By these and other measures, the project was a success. At the same time, the residents of La Mosquitia, many of them indigenous people who’ve called the region home for centuries, still face formidable challenges. Local infrastructure is sparse, equipment and the power to run it can be hard to come by, and financing is often out of reach.
“Though the way forward in La Mosquitia remains unclear, we’re hopeful that our work with the Rainforest Alliance has provided a model that banks and the Honduran government can follow so that the gains the people of La Mosquitia have made might be sustainable,” said Alicia Procello, president of the Avery Dennison Foundation, which funded the project. “We hope our involvement will inspire others in business and government to engage there.”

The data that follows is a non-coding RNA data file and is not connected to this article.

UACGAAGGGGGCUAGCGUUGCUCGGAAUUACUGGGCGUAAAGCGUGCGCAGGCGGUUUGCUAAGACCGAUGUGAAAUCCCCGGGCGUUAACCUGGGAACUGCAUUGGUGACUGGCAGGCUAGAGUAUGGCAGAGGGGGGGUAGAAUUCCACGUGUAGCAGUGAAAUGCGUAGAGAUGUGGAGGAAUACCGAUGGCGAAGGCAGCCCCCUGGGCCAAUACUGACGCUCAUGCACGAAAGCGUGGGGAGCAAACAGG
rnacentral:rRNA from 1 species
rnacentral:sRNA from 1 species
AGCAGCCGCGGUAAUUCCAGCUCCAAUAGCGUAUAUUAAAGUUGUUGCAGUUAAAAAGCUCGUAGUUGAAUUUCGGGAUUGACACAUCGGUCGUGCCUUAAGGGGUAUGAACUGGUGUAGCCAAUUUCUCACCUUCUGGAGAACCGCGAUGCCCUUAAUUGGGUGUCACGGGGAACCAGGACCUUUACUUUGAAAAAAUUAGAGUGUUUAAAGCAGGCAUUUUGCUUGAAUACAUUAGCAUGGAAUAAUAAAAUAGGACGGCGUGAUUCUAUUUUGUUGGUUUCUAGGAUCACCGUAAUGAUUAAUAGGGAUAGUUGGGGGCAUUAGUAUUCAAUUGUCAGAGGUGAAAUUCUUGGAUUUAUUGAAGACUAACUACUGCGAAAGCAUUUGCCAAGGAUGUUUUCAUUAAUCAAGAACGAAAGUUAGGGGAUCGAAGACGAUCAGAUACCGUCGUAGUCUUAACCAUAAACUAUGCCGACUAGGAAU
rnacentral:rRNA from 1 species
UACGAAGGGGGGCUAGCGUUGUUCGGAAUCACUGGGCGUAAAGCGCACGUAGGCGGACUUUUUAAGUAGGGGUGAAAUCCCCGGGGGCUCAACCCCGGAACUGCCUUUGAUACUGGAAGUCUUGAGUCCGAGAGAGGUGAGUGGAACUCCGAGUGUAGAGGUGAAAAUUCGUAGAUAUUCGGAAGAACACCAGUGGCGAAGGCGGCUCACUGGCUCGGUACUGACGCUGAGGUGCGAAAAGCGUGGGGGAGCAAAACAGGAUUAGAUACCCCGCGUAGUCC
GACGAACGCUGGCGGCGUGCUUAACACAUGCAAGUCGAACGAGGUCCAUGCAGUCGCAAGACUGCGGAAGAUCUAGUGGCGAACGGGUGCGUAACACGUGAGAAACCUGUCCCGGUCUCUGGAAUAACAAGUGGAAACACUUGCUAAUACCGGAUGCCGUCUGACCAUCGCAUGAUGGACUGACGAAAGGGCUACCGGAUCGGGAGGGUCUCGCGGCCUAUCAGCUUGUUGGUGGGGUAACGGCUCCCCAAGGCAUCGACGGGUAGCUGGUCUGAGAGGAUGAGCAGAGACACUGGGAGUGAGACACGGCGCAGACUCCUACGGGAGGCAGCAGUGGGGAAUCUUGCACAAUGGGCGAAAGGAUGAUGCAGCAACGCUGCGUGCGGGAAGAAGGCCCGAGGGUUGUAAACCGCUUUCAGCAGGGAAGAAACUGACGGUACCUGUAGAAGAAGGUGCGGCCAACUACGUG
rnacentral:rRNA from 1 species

We’re now working with the Rainforest Alliance in the Appalachian U.S. to help increase the amount of FSC®-certified forestland in that region. Read more.